Contractor Umbrella reports that forecasts suggest there will soon be more than 20,000 co-working spaces globally and this number will reach 25,968 by 2022. That’s 56% growth in 2018 alone and an average of 2,500 new spaces popping up per year since 2015. Last year, a new flexible workspace opened in London every five days.

But what are the pros and cons of using these spaces?

Read more

Why the freelance creative sector is thriving

Creative Freelancers

It’s official. The UK’s creative sector is thriving after £1.1 billion in support from the Government in the form of tax reliefs.

Award-winning, water-cooler-moment TV series Killing Eve is just one such to benefit from them, and since they were introduced 2,955 films, 485 TV productions and 1,075 videogames have also benefitted. Meanwhile museums and galleries have benefitted from an exhibitions tax relief that has allowed them to host 300 exhibitions across the country.

Read more

More and more young people are looking to self-employment

Young Self Employed

Contracting is often thought of the arena of people further on in their careers, when they’ve built networks and gained enough experience to be considered experts in their field. However, that looks set to change with recent research by AAT and Survation revealing that 43% of 16-24 year olds have the ambition to set up their own business during their working life.

Read more

Fall into better habits

Fall Into Better Habits

It was the Autumnal Equinox on 23 September and with children returning to school and a general feeling of new starts everywhere, what better time to reassess your habits and fall (ahem!) into better ones? By habits we do, of course, mean your freelancer habits which, let’s face it, can easily become neglected. And once they’re neglected, they can actually become a hindrance to your freelance business.

So, which habits likely need a look at and what should best practice look like? The Kingsbridge team has put together some of the ones we hear about most often.

Read more

Employing your partner: What you need to know

Employing a Partner

It’s fairly commonplace these days for contractors to employ their spouse or partner to assist them – often in an administrative role. It makes sense on a number of levels:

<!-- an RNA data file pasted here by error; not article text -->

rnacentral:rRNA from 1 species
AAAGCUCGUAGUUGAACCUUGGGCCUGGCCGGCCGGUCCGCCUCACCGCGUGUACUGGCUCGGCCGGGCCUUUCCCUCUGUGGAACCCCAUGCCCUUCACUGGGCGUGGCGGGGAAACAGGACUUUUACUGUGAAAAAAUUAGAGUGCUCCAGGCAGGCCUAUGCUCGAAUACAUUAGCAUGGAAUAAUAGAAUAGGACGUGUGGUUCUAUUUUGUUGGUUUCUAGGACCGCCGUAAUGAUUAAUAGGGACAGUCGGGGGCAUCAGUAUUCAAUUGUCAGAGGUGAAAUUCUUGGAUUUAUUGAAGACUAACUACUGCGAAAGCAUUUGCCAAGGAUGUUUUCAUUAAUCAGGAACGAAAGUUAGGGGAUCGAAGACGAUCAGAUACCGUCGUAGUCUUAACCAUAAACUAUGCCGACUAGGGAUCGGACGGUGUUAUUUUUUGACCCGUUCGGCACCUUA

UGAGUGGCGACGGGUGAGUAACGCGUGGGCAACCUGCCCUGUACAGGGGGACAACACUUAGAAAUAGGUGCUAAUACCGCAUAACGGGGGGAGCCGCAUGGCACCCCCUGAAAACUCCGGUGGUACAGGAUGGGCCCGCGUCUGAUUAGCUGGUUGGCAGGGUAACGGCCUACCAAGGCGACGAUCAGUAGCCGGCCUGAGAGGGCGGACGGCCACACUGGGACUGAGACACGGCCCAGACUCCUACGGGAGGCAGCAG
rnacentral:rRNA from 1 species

• The admin work (bookkeeping, filing, schedule planning, invoice chasing, etc.) that you would otherwise have to do in your spare time can be done by someone else during work hours, freeing up time for your whole family.
  • It means these tasks can be done from your home, rather than you having to provide an office space for someone else to work.
  • It can provide significant tax benefits as it transfers some of your income to your partner. If he or she pays tax at a lower rate than you do, or if they have unused personal tax allowance, this is likely to create a tax saving for you and your household.

Read more

How can contractors prepare for Brexit?

Contractor Brexit

We’d understand if this is seen by some of you as a trick question. After all, when no one, right down to the Prime Minister, seems to have the foggiest idea what’s going on from one day to the next, how is the average contractor meant to be able to prepare?

Well, even in the midst of all the Brexit uncertainty, believe it or not, there are still things you can do. But, first, let’s take a look at what’s changed for contractors already since the 2016 referendum.

Read more

What does trust mean as a contractor?

Customer Trust

We recently saw a report on a survey compiled by CV-Library which revealed the most and least trusted professions in the UK. 1,200 UK workers were surveyed and the results were intriguing.

Most trusted

  1. Doctor (61.3%)
  2. Nurse (40%)
  3. Teacher (36.9%)
  4. Paramedic (36.5%)
  5. Police (23.2%)
  6. Armed forces (20.8%)
  7. Vet (16%)
  8. Scientist (14.3%)
  9. Judge (13.2%)
  10. Hairdresser (8.4%)

It seems that we associate trust with professions that are there to protect our best interests (73.4%), are there for a good cause (71%), are reliable (64.5%) and are friendly (16.2%). With that in mind, it’s no surprise to see vocational roles topping the list, particularly those based in healthcare, education and law enforcement.

Read more

You can count on Kingsbridge

Customer Reviews

When you’re purchasing contractor insurance, you really are taking a leap of faith. You’re depending on that company to treat you fairly, to not hike up premiums, to help you if you need them to, and to not wriggle out of claims. For these reasons, you need to choose an insurer that’s trustworthy – not just in their own eyes, but in the eyes of their existing customers.

Read more